“If they can do it, so can you.”
A couple months ago I ran the Rock ‘n’ Roll Half Marathon in Chicago and saw a sign that read, “If Trump can run, so can you!” While that was bit bit of a play on words, it got me thinking about the whole, ‘if they can ____, so can you!” idea.
Which can be true. Except when we’re not willing to do what it takes in order to make ____ happen.
Take for example: If my friend Heather can finish a half marathon in under 2 hours, so can I. We’re roughly the same age, neither of us have kids, we both work out, and we both like to run.
Except … Heather works out twice a day. Heather makes different food and beverage choices than I do.
So I can’t just start training for a half marathon and expect that I’m going to beat my best time by nearly 10 minutes without a LOT of hard work. I need to be willing to commit to working out a bit harder and longer. I need to be willing to commit to changing my eating and drinking habits. I need to be willing to stick with these changes for the whole of my training, even when it’s hard or hot or cold or there are 10 other things I’d rather be doing.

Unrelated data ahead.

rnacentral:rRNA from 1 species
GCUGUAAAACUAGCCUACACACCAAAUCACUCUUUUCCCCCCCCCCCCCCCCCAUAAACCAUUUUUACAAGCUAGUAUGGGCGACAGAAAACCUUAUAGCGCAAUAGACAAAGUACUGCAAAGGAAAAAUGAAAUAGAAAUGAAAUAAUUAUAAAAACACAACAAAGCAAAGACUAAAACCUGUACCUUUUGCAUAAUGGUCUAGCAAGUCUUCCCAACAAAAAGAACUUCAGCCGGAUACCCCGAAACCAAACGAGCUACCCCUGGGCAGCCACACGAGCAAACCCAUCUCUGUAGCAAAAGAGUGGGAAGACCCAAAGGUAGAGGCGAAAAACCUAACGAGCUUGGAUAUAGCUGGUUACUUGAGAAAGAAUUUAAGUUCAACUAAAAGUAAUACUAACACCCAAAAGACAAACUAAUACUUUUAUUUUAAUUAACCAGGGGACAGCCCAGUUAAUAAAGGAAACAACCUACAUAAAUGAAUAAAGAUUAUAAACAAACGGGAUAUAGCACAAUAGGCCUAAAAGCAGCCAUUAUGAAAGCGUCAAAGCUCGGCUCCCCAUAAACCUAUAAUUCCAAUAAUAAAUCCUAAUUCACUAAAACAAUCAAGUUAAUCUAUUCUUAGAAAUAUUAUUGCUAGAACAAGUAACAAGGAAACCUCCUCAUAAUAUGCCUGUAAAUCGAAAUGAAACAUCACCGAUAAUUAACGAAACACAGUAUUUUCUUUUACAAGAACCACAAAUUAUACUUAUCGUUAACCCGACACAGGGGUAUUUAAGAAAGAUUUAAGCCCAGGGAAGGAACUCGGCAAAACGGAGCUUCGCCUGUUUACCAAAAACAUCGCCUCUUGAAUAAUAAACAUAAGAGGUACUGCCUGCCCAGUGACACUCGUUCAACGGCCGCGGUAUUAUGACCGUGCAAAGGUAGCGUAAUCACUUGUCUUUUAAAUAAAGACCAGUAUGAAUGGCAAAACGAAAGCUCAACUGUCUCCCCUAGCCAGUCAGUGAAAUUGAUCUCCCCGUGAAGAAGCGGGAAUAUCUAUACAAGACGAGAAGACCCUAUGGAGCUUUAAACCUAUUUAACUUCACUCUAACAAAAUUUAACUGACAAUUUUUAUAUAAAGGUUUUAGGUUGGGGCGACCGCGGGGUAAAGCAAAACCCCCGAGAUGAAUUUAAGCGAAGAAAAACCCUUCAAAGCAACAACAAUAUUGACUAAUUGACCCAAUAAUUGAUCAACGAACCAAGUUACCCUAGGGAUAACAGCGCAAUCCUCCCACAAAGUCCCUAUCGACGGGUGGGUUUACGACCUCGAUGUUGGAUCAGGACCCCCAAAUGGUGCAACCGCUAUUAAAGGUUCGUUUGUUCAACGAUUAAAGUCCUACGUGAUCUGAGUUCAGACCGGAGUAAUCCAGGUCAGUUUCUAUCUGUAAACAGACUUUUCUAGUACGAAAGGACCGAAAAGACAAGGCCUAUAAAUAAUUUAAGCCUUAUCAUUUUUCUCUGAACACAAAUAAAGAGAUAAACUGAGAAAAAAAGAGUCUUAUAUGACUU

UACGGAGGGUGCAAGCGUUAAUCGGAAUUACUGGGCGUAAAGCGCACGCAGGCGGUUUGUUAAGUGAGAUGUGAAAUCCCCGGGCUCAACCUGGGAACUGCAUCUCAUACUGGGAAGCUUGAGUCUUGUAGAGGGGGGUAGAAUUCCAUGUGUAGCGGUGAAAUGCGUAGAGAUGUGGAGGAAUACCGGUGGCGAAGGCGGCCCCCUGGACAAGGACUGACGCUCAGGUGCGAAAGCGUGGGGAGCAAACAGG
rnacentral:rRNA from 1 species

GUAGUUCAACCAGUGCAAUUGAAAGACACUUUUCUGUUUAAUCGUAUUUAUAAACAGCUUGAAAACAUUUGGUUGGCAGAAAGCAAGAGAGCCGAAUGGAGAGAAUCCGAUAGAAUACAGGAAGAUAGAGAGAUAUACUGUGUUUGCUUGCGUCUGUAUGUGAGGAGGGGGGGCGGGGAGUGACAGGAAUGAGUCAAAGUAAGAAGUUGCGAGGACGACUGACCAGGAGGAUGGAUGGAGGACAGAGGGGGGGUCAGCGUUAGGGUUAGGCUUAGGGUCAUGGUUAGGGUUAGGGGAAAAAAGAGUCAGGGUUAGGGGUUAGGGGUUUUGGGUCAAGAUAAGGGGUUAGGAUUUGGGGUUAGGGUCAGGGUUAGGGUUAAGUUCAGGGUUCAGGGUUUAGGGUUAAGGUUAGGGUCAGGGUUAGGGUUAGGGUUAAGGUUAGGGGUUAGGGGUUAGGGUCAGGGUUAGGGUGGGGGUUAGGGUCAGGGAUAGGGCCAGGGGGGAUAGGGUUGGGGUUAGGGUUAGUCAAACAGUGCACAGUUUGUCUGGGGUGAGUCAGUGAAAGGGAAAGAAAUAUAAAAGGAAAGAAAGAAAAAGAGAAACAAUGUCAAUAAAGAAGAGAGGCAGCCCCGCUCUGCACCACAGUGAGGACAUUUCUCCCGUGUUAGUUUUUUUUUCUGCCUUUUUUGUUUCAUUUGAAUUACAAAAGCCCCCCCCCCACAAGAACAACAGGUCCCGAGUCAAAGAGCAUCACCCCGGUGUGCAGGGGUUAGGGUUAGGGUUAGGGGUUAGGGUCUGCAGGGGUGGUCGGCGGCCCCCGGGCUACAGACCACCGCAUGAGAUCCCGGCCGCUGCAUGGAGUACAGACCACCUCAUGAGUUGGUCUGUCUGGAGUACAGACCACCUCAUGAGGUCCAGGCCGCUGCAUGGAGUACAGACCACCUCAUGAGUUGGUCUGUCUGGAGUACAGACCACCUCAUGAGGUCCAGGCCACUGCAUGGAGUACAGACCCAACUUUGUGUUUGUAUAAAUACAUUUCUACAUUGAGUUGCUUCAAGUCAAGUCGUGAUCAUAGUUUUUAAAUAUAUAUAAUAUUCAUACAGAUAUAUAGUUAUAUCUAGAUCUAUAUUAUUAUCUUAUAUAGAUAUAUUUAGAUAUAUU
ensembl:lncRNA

It’s not that I can’t run a half marathon in under 2 hours. It’s that I can’t just say, If she can do it, so can I! There’s more to it than that.
I have to be willing to be honest about who I need to be to accomplish that goal. I have to be willing to realize that what works for Heather to achieve her goal may not work for me. I need to be willing to make adjustments. I have to be willing to do the things necessary in order for me to stretch to meet that goal.
Or I have to be willing to update my goal to fit something that works for me.
Maybe I update my timeline. Maybe I update the goal itself. Maybe I shift the goal in a new direction. Maybe I decide to change the goal itself entirely. Or maybe I decide that goal isn’t really important to me and I want to work toward something that I can truly commit to for a defined period of time.
So yes, it’s certainly true that if they can, so can you. And also:
“Just because you can doesn’t mean you should.”